University of Colorado Health
Contact Us Directions Employees Physicians
Poudre Valley Health System Guests and Visitors Hospitals and Clinics Community UCHealth Jobs Classes and Events Foundation and Volunteers Health library
Facebook Twitter YouTube Flickr
At a Glance
All Services
Medical clinics
Conditions we treat
Download our app
Hospitals
UC Health news
PrintEmail

Nuclear Medicine

What To Expect

Thyroid Uptake Scan:
What to expect: The study involves two separate appointments. The radioactive isotope will be given to you the morning of the first day and a time will be scheduled for you to return the next day to complete the study. Each visit should last about 30 minutes. Do not eat or drink for one hour after taking the isotope. After 1 hour has passed, it is suggested that you drink plenty of fluids to flush your system.

Hepatobiliary Scan/HIDA Scan:
What to expect: The scan will last about 90 minutes. You will receive the medicine intravenously while lying on your back on the scan table. A gamma camera will be positioned over your abdomen throughout the scan.

Bone Scan:
What to expect: The study involves two separate appointments. The radioactive isotope will be administered intravenously during the first visit, and an appointment will be scheduled for you to return to complete the scan 3 to 6 hours after the injection. The scan will take between 30 and 60 minutes.

Gastric Emptying Study:
What to expect: You will eat a small amount of oatmeal containing the radioactive isotope, which allows the oatmeal to be viewed by a gamma camera. You will then sit upright in a chair for about 60 minutes while the camera photographs your abdomen.

Heart Scan:
What to expect: The radioactive isotope will be administered intravenously. The study involves two parts: stress (chemical or physical) and rest. You will be asked to walk on a treadmill to physically stress your heart. If you are unable to walk, a chemical will be used to induce the stress instead. The isotope will help form an image of your heart both at rest and during exercise.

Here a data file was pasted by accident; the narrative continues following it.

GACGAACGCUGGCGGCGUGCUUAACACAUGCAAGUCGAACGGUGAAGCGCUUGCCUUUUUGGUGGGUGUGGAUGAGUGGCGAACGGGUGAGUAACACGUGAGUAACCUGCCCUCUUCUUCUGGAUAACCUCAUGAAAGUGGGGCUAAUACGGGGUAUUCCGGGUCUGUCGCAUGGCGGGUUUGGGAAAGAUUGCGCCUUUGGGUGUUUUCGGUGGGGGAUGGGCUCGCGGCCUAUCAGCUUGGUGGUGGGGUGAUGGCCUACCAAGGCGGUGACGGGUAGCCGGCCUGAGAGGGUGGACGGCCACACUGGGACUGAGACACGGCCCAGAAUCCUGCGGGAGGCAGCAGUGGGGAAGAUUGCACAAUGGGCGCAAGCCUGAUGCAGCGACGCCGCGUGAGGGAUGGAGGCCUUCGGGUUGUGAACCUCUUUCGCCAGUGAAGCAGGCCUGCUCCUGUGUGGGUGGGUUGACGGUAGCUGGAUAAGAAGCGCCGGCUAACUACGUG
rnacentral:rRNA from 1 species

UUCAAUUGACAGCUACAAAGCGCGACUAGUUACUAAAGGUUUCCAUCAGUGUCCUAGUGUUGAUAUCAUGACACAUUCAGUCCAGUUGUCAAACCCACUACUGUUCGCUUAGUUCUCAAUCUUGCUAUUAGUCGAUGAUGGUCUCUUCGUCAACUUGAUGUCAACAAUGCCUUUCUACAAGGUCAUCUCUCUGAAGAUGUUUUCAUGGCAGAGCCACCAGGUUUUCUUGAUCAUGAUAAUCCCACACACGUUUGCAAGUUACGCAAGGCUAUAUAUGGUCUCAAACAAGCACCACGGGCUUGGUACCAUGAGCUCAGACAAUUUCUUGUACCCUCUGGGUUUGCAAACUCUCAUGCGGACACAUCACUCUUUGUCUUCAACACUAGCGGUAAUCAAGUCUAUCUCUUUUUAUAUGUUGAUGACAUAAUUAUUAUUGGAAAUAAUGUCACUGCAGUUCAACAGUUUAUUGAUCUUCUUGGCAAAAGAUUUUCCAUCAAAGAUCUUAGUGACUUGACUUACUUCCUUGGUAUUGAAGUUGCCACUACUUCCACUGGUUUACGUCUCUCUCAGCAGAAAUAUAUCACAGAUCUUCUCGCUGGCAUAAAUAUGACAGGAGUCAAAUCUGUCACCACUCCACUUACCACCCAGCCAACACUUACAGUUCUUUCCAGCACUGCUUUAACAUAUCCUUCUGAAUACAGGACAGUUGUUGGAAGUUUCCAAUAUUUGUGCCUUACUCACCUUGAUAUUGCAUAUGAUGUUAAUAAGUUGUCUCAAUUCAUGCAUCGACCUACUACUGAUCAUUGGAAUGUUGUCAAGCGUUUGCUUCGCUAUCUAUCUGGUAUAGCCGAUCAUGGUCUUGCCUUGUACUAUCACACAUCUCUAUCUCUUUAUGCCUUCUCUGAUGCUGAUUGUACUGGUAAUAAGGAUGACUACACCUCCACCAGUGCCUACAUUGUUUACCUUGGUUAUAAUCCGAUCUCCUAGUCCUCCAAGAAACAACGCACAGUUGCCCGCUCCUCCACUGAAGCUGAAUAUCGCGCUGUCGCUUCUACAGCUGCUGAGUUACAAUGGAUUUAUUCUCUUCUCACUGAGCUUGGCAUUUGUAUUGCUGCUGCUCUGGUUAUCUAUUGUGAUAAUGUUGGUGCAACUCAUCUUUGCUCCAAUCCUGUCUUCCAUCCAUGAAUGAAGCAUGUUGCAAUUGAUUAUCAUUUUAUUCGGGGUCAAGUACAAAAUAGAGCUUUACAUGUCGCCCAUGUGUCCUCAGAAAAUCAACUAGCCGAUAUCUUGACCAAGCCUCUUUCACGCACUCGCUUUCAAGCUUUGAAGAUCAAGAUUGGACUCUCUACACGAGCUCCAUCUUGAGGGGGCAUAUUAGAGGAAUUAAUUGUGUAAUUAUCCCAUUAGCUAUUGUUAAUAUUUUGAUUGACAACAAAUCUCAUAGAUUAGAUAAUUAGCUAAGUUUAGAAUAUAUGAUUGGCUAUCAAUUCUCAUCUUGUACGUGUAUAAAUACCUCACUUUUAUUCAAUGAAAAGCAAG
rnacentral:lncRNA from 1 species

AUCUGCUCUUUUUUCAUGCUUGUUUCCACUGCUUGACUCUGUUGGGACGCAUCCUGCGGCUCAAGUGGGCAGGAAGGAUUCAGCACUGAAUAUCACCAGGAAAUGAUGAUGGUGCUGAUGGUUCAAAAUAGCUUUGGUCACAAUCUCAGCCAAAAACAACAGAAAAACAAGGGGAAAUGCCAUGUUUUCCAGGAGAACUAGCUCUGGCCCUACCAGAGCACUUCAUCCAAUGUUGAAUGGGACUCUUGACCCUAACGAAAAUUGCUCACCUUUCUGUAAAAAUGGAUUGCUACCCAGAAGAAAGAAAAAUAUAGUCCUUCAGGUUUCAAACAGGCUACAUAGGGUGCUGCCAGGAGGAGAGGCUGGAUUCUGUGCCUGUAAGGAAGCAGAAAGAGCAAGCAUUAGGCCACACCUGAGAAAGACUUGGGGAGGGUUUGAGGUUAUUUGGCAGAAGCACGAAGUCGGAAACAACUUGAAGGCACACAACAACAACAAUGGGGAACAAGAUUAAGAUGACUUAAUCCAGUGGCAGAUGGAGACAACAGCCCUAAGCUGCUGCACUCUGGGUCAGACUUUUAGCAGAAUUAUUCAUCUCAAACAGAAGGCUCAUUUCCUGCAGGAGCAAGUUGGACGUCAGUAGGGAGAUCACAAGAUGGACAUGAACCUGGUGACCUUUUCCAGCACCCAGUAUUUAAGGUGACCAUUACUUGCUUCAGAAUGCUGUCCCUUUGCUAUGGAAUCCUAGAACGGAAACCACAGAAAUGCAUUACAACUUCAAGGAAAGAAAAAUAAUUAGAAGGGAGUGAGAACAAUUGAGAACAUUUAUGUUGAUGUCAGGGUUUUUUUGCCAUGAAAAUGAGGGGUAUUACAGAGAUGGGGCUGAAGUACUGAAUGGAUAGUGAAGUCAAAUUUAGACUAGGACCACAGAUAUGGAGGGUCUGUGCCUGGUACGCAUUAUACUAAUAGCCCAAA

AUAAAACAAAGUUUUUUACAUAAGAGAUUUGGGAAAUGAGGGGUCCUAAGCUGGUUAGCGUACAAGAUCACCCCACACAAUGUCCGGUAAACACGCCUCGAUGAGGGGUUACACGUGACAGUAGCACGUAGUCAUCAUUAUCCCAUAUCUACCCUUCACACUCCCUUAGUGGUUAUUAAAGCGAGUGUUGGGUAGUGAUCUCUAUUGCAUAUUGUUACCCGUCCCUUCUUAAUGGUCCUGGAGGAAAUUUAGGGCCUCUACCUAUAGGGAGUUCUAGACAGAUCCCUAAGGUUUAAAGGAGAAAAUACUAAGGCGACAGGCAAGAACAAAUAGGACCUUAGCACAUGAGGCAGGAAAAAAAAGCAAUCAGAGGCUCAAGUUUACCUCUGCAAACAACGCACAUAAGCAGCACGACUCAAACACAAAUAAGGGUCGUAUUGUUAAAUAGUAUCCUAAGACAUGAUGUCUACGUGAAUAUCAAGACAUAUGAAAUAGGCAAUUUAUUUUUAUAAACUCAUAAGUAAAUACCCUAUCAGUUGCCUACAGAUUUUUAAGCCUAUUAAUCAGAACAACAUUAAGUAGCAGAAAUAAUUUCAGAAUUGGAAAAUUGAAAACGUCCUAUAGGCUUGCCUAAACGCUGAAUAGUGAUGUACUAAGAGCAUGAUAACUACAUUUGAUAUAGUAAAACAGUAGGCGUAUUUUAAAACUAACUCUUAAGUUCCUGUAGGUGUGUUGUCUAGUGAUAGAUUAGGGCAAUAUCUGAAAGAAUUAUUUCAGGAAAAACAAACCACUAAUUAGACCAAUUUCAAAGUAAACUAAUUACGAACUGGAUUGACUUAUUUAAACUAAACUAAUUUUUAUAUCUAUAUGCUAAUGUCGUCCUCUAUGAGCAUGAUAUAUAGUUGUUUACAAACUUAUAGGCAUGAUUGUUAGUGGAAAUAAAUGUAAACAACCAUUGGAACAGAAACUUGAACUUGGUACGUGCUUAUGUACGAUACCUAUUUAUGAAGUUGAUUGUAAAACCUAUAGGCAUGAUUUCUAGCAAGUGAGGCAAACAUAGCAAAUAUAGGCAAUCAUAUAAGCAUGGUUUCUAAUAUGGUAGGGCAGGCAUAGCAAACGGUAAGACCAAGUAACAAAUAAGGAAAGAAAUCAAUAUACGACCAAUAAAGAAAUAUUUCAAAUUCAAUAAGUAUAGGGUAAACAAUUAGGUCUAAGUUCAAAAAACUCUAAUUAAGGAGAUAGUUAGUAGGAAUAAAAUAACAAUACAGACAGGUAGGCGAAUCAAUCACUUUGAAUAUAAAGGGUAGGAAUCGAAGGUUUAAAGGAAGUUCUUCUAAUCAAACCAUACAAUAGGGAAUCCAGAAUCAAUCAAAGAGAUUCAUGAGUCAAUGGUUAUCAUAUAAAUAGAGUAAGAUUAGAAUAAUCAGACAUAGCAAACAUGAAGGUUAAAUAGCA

A radiologist will interpret your images and send the results to the physician who ordered the procedure.

There are no known long-term adverse affects from the low dose of radiation in these studies.

 

 

About Us
FAQ: Hepatitis C
PVHS-UCH partnership
Be a smart patient
About PVHS
Contact Us
History
Mission, Vision and Values
Charity Care
Communities We Serve
Leadership
Awards
Baldrige National Quality Award
Nonprofit Status
Center for Performance Excellence
Joint Ventures
Report a Problem
To Report a Problem to the Joint Commission
Institutional Review Board



Awards and Recognition


University of Colorado Health employees dedicate themselves to providing patients and other customers with world-class care and service. Outside organizations recognize that, calling University of Colorado Health's hospitals some of the best in Colorado and even the best in the nation. Some of those accolades are listed below:

 




Contact

University of Colorado Health
Fort Collins, Colorado
970.495.7000
PVHS@pvhs.org

 

© 2014 Poudre Valley Health System
Disclaimer  |  Privacy Policy  |  Site Map
University of Colorado Health